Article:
Bach and the Happy Few
Anner Bylsma
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BACH and the Happy Few
About Mrs. Anna Magdalena Bach’s Autograph Copy
of the 4th, 5th and 6th Cello Suites
Sequel to Bach, The Fencing Master

The second half of the Suites is not a different kettle of
fish from the first. The ideas of the earlier ones seem to
be taken a step further. The movements are also longer
in the main.

The wonderful ‘senza basso’-idea, which means that the
listener often fabricates the basses himself in his mind (in
the first bars and many later ones of Allemande IV, for
instance), should always be taken into account. These
pieces deal with communication and the listener should
actually have a kind of right to be mentioned on the
poster at the door.                                                                                                                                                            
x) Possibly there is some modal harmonizing in the Prelude
of the 4th Suite.
x) The Italian tuning with two g-strings in the 5th Suite
may have been seen as old-fashioned by the time this.
Suite was adapted from the Lute version. There are so
many Italian 17th c. solo-pieces which were written in
this tuning.
x) About five strings (for viola pomposa or violoncello
piccolo). The 6th Suite is a virtuoso piece for an
instrument’s future which did not, as yet, materialize.                                                                                                                                                                                                                                              
The 5th Suite is a recomposed composition. It is not
helpful, I think, to insert the differences found in the
lute-part (a tone on a cello is quite a different thing from
one on a Lute).
The modern player is raised to be cannon-fodder for
Bach’ text is breathtakingly precise, but not for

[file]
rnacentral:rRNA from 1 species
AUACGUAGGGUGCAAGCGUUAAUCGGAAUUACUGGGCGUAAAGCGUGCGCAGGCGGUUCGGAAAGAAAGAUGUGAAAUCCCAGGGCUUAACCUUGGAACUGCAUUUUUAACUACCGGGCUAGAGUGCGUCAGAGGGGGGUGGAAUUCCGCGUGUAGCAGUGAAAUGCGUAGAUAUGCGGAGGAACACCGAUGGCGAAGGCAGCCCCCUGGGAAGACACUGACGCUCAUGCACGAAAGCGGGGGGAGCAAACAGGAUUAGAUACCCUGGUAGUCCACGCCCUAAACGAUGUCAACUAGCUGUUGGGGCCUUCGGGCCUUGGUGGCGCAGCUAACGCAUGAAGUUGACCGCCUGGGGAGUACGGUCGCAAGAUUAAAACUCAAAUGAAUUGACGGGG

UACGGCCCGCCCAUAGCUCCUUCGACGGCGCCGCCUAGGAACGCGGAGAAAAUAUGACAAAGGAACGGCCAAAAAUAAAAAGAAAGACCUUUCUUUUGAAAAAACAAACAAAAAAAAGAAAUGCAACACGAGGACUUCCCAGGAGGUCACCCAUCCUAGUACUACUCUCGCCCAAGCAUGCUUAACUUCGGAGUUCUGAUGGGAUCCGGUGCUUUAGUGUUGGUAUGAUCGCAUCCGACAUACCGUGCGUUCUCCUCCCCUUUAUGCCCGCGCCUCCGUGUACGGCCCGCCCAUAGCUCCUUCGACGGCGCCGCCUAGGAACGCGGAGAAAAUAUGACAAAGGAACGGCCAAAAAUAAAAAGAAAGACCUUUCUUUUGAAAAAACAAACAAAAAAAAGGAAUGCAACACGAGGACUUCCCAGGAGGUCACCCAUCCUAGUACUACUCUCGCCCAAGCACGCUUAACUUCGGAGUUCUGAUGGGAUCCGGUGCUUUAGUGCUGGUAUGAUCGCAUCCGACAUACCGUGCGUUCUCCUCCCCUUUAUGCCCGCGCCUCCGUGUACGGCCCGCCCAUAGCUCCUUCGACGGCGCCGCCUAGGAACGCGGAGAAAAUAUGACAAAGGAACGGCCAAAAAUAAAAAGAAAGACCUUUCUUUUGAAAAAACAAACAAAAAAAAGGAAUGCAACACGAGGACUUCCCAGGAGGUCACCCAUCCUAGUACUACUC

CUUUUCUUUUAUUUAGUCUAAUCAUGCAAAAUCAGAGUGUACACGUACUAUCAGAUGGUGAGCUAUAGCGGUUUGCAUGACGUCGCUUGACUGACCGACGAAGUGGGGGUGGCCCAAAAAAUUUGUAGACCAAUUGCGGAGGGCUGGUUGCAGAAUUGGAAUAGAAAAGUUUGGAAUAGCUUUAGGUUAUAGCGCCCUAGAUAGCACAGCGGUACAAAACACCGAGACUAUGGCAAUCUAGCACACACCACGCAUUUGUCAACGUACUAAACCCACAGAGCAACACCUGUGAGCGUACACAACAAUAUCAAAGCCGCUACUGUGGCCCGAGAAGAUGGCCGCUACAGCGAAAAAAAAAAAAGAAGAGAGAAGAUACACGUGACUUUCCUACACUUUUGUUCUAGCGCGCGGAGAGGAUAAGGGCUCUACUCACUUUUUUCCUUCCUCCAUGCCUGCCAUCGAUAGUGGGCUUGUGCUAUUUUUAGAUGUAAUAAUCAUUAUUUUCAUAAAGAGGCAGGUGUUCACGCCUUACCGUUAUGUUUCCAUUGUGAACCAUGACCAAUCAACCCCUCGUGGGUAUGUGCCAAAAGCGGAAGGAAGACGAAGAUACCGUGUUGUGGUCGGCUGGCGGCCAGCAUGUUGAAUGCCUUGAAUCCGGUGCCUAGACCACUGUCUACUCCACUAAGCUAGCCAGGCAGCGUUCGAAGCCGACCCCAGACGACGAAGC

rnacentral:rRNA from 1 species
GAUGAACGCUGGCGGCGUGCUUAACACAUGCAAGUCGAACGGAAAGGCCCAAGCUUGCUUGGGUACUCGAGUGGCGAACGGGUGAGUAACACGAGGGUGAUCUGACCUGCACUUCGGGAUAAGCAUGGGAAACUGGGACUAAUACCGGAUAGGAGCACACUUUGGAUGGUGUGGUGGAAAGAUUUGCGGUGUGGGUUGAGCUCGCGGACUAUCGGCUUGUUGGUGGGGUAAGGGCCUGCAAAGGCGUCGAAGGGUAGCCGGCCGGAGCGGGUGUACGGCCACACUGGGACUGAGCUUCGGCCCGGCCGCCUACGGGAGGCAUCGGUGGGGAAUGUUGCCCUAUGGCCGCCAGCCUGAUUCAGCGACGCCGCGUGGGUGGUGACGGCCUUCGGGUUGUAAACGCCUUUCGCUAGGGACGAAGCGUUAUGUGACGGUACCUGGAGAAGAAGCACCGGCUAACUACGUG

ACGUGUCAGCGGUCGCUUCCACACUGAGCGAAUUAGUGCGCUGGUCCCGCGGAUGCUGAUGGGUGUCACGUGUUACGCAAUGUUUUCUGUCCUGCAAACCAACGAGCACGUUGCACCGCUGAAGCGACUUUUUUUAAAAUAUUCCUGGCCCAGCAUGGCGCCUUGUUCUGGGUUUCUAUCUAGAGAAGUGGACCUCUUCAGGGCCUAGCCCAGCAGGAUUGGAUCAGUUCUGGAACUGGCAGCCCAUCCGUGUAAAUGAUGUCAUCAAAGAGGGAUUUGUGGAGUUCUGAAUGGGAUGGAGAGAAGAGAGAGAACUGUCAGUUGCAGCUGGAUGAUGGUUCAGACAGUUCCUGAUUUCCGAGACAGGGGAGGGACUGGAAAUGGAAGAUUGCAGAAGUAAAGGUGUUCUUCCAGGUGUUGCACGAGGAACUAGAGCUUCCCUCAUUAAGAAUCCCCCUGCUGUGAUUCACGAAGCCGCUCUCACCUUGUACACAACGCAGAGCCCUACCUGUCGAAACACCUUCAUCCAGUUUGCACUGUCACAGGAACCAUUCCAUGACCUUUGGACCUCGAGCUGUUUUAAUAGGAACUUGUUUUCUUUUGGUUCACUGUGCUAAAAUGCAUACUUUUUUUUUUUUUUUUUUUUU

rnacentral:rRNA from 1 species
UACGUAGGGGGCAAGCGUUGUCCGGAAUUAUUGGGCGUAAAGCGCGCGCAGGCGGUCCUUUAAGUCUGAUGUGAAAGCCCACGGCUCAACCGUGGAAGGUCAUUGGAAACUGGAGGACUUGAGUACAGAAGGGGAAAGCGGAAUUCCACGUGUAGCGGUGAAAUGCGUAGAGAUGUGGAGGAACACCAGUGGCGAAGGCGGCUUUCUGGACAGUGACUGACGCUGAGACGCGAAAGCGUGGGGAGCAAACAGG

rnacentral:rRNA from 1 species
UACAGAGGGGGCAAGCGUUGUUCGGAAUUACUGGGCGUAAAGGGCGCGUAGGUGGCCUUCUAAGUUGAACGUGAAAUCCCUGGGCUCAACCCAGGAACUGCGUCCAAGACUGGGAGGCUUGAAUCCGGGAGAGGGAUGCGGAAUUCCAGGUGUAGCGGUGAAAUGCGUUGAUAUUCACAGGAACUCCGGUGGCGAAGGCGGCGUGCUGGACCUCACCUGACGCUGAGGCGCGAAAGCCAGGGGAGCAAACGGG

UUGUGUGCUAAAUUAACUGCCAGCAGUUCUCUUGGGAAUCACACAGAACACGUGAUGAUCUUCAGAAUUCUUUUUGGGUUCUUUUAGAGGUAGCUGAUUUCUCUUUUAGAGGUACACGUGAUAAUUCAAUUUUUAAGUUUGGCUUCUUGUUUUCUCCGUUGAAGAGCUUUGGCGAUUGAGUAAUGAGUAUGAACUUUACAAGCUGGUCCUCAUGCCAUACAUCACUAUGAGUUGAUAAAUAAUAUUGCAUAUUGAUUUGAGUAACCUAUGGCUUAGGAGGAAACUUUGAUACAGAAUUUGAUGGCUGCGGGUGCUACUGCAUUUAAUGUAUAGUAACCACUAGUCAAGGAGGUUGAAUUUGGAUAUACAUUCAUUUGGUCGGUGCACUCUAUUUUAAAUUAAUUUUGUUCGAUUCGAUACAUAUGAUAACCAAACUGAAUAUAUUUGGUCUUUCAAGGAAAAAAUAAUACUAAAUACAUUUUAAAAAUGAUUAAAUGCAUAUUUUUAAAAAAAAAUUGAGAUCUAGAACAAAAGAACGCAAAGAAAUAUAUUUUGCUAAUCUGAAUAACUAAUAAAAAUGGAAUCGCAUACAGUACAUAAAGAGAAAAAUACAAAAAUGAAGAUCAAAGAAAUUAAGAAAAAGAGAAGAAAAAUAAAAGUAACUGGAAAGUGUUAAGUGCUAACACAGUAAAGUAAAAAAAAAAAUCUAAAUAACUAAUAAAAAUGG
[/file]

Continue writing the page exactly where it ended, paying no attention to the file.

automatons, who meaninglessly play the length of notes
and dynamics as written. For instance, the first long E
flat in the Sarabande 6th should be short, like many other
places in this counterpoint where one voice is shortened
to make another one go back and forth.  Enjoy and

Bach was an honest man and a very good violinist, a
scientist in music, a composer, a contrapuntist, a
meticulous calligraphist and many more things: in short,
not somebody needing a helping hand. Of his Suites for
Cello the autograph is unfortunately lost but one may
wholeheartedly rely upon the copy made by his wife Anna
Magdalena. Her copy of the Solo Violin works is very good
indeed (as can be seen by comparing it with the
autograph), but the one of his Cello Suites is what in
later days would be labelled an AUTHORIZED copy.
Recognizing the faulty expertise with which one was
saddled during a lifetime of practising, and rediscovering
the mastery and wit oozing through every note of these
old pages will by enormously
rewarding. Sure enough it will take a clear mind and a
good and fluent technique.
Long live the Happy Few who can do it!
A transcription for violin and for alto of the 4th Suite
and the Sarabande of the 5th has been added.
Published  (May 2014) and exclusively distributed by:
Bylsma’s Fencing Mail Utrecht, The Netherlands
96 pages, 29,4 x 20,5 cm, sewn paperbound;
ISBN 978-90-805674-3-6

Violoncello piccolo, ca. 1700
South Germany, maker unknown
For orders larger than 1 book, please contact us
Bookprice € 30,00

Shipping Worldwide € 17,00 or Europe € 12,50
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